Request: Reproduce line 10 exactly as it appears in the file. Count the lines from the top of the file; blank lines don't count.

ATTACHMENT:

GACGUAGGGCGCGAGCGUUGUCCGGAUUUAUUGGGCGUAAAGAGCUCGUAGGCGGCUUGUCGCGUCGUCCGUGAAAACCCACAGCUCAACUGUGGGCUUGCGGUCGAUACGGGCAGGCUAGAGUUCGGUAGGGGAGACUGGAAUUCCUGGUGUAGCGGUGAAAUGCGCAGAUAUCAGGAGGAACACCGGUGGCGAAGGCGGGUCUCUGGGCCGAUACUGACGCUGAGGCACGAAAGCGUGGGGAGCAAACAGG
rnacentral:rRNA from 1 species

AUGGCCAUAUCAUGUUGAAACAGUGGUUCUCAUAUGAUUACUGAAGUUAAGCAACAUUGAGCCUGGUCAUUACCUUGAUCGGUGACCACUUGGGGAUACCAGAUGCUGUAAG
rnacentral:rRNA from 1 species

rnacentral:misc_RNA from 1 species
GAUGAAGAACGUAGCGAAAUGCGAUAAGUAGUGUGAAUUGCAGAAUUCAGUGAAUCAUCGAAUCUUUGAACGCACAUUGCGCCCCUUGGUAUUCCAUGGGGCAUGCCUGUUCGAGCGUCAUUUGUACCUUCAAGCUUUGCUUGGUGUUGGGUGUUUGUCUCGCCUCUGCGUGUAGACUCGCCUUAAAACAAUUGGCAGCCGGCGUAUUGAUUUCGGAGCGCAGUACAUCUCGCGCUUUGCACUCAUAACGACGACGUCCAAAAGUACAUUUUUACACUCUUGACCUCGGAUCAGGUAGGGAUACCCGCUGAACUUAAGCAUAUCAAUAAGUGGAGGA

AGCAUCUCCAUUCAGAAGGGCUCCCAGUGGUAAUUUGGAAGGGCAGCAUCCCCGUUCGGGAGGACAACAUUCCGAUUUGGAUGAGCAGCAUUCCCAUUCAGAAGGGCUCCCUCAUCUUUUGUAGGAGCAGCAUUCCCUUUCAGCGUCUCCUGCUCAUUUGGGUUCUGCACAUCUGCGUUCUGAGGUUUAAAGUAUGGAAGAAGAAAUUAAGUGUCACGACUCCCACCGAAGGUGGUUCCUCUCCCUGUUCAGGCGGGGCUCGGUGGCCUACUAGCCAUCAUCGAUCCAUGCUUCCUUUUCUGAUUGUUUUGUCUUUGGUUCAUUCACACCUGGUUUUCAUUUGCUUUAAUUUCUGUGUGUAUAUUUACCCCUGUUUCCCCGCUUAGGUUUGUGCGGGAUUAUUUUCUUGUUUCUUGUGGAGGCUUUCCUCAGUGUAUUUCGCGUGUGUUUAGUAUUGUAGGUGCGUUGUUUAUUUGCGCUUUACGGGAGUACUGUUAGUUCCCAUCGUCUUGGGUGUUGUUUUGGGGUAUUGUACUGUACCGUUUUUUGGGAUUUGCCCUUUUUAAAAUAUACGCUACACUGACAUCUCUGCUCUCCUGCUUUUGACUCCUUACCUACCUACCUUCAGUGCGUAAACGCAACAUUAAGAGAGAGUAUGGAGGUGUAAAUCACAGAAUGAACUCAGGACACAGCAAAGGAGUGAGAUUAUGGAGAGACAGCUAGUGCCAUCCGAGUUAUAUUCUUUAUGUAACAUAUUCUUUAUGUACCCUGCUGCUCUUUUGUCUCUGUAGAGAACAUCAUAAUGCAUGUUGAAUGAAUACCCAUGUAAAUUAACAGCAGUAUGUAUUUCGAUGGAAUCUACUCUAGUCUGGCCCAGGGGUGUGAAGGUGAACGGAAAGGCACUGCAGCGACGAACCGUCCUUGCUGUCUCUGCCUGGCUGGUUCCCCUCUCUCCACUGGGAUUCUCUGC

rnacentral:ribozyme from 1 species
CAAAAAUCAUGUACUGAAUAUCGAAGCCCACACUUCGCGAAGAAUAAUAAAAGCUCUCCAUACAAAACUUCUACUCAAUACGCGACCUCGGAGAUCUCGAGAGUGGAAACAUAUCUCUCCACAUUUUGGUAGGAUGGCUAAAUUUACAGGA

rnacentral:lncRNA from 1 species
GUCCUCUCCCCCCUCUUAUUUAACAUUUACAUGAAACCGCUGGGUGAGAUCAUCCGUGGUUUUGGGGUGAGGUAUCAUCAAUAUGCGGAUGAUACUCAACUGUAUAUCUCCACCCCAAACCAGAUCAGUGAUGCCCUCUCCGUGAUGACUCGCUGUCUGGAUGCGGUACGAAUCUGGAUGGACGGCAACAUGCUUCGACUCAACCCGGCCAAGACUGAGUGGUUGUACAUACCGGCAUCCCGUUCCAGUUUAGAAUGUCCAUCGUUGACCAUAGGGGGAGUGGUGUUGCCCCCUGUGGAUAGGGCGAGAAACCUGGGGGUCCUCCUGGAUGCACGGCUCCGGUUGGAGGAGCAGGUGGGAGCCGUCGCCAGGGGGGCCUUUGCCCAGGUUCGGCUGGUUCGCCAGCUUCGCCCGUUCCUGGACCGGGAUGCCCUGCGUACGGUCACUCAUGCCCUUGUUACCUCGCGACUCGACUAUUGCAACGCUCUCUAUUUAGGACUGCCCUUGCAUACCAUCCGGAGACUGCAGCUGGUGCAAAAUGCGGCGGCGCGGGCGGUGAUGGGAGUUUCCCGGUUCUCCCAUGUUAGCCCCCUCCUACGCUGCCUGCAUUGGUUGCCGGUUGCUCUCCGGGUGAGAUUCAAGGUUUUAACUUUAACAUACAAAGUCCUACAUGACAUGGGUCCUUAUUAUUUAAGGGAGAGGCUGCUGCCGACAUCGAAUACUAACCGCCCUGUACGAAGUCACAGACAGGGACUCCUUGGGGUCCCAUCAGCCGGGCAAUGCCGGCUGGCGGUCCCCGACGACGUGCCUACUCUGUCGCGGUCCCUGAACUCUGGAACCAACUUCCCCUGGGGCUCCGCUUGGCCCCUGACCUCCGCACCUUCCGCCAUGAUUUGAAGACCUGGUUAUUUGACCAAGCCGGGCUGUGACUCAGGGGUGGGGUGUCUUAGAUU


rnacentral:lncRNA from 1 species